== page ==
South Carolina Prison Guard Fired for Whistle-Blowing About Inmate Mistreatment

Michael Billioni worked in the central control area of a prison where he could see all the security camera footage–past and present. He saw something disturbing, told his wife (who told a reporter), denied to his boss that he told anyone, later confessed, and then was fired. Now, he’s suing, claiming that he had a First Amendment right to disclose what he witnessed.

Back in 2013, an inmate at the prison died while in custody. The official statement from the prison was that the inmate was trying to drown himself, that he was “very uncooperative,” that he hit his head on his cell wall, and that guards tried to restrain him for his safety. When they later noticed that he was unresponsive, EMTs attempted CPR but were unable to revive the inmate.

The York County Detention Center in York, South Carolina

Michael wasn’t working that day, but he heard the prison’s official statement and didn’t believe it. When he went to work the next day, he checked the footage. On the video, Michael saw one guard punch the inmate 12 times, and he saw a taser setting used that was “concerning.” He also saw EMTs never touch the inmate.

Michael told his wife, who told a reporter at a local news station. When that reporter started asking questions to the prison about the inmate’s death, the prison conducted its own investigation. Michael told his boss that, while he had seen the video, he did not tell anyone. Later, he confessed via email that was “responsible solely for the mess” and that he “accepts full responsibility” for his actions. He was later fired.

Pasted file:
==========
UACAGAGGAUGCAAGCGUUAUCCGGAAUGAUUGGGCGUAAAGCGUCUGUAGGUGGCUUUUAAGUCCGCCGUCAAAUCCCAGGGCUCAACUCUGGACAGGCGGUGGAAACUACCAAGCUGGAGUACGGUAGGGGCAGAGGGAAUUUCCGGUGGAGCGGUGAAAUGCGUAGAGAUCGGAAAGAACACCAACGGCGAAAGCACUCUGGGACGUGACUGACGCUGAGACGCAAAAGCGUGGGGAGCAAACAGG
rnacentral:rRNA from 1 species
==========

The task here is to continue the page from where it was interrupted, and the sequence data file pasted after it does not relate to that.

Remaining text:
Michael sued, claiming that he was fired in retaliation for exercising his First Amendment rights. Last month, a federal judge preliminarily agreed with Michael and is allowing the case to proceed to trial. The court found that Michael (1) was speaking as private citizen, not as an employee in the course of his ordinary employment; (2) raised a “matter of public concern”; (3) that the public’s interest in hearing Michael’s speech outweighed any actual or potential disruption at the prison; and (4) that Michael might have been fired because of his speech. The court also rejected the prison’s qualified-immunity defense. The case will go to trial likely later this year.

Case: Billioni v. York Cty., No. 14-CV-03060 (D.S.C. June 20, 2017) (opinion here)

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